Anthony Member

U are totlay right about the over the pond thing i work with europ made sheets
This is why i am looking at a big machine that can handle this big sheet
I would like what is the material handeling ? ( load unload tables?)

And what do u meen by core surface

6/6/16       #9: Beam saw vs flat table ...


I currently ron a nested base router and previously had a beam saw ptp combination.
Cut quality on cnc requires no adjustment, beam saw always fine tuning scoring blade.
Nested base very little secondary operation, beam saw always seconday operations.
Beam saw can cut a lot of parts fast, IF they are all the same size. Nested base can bore all holes needed and cut them to.size reasonably fast regardless of size.
Beam saw takes up a lot of real estate in the shop.
Unless you have parts that need extended edge drilling, i am a firm believer in nested base.

6/6/16       #10: Beam saw vs flat table ...
anthony Member

thank you Derrek for your response
i would like to add what type of bits do you use for a clean cut ?

6/6/16       #11: Beam saw vs flat table ...

We cut exclusively 3/4" melamine on a pb core. We use Vortex 1/2" compression bits at 800"/ minute. We buy 20 at a time and sharpen as a group so we don't have to spend time changing for tool diameter.

6/6/16       #13: Beam saw vs flat table ...
anthony Member

and how many melamine sheet does a bit cut as average ?

6/6/16       #14: Beam saw vs flat table ...

Depends a lot on cutting the size of the parts excetera received 40 to 80 sheets for a bit and lose about 10% pet sharpening

6/13/16       #15: Beam saw vs flat table ...
anthony Member

thank you all for your response
i would like to know which has the least power consumption between the pod and rail & beam saw vs flat table
hope you can help me with that

6/16/16       #16: Beam saw vs flat table ...

I have both a pod & rail, beam saw and a nested router. Total labor time depends on how repetitive your parts are. Beam saw can stack cut heaps of parts per day. But then you have to handle them again to the P2P. The only time I would consider a P2P now would be if I was doing a lot of solid wood parts. We get about 60 - 80 sheets using the coated Onsurd 3/8" compression bits. We don't have them sharpened. Cut quality depends a lot on how good the core is on your melamine board. Too many variables to give good answers on machines. How many tool change locations do you need? How many drills, horizontals also? Do you need a C-axis & aggregates? If you use those big sheets you will need to have mechanical handling. Vacuum lifting is better than using a system that slides the panels. Sliding panels can result in scratches. If you've got the money a heavier bander with pre-mill is going to give better results than the lighter machines. If you can afford it, the "laser" or plasma machines give the best result.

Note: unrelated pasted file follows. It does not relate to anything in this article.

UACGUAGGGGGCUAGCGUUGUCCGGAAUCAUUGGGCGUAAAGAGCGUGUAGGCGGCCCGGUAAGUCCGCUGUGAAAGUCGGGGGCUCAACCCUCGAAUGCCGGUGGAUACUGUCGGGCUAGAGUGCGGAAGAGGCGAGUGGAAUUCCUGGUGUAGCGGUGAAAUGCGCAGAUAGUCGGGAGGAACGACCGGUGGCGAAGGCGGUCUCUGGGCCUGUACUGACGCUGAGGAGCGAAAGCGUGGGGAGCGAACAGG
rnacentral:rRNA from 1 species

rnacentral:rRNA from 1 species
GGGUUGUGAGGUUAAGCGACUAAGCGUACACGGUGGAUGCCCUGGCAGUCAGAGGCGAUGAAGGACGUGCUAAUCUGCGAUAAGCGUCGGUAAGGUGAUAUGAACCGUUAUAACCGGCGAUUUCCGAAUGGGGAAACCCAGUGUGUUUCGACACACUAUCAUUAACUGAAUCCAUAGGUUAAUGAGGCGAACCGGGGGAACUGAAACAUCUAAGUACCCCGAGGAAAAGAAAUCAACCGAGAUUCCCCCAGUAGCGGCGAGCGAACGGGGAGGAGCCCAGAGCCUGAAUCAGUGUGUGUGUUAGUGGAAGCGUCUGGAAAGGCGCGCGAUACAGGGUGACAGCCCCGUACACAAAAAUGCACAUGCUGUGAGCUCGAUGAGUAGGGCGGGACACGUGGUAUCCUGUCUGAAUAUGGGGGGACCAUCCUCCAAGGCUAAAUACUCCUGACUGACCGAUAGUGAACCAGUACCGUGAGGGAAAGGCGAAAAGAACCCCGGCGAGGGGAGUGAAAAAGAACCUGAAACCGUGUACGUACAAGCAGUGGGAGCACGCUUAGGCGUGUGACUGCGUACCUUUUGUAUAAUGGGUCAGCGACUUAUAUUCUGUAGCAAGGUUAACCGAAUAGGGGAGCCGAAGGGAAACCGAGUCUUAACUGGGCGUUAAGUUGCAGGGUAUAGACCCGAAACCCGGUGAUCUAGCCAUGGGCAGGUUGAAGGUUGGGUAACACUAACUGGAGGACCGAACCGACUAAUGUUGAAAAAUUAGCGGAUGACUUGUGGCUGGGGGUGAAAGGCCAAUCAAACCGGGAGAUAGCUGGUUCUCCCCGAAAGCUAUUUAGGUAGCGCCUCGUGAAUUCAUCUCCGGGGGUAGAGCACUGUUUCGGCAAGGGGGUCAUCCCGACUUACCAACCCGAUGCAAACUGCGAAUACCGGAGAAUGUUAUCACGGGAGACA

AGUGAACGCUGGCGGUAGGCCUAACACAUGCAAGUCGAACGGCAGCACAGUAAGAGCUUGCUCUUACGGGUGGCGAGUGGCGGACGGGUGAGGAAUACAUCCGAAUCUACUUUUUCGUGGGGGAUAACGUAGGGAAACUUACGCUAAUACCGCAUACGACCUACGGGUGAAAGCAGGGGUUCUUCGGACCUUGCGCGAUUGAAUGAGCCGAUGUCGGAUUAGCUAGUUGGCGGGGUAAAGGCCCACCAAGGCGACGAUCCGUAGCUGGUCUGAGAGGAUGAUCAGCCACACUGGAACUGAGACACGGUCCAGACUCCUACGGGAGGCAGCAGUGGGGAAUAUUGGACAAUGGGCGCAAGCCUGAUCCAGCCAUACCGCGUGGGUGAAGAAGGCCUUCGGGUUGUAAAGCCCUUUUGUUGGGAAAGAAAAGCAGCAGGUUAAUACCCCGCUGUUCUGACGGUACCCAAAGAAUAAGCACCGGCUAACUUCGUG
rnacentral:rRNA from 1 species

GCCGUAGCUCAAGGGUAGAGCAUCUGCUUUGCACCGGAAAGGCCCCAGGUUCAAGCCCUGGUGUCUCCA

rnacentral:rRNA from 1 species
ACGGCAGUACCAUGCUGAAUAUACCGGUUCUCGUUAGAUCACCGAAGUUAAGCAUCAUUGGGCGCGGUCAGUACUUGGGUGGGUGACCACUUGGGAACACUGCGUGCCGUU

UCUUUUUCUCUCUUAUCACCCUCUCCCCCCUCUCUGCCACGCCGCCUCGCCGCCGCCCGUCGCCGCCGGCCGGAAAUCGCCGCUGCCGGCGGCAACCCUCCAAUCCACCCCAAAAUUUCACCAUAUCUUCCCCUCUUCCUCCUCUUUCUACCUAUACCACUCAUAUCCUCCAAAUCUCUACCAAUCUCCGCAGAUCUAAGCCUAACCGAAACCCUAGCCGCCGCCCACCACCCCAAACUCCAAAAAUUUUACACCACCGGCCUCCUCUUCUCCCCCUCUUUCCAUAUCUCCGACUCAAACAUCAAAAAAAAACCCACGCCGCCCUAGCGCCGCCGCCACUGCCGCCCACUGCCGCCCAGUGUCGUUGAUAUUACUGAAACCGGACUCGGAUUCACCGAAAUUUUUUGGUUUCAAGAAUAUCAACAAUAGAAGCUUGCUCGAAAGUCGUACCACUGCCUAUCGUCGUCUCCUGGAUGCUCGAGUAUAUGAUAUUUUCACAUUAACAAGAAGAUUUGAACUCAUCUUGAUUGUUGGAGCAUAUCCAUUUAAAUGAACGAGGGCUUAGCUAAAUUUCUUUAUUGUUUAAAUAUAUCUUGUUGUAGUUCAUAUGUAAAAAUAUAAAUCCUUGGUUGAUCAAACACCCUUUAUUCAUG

7/3/16       #17: Beam saw vs flat table ...

It is really easy, you need both, a beam saw and a router. We run two of each.

7/3/16       #18: Beam saw vs flat table ...

Beam saws are great if you stack cut a lot. We plan to retire our beam saw and P2P and replace them with another router.

2/17/18       #19: Beam saw vs flat table ...
tony Member

and what about the cutting yield how can a router with a 1.2 cm bit go vs a 4 mm blade ??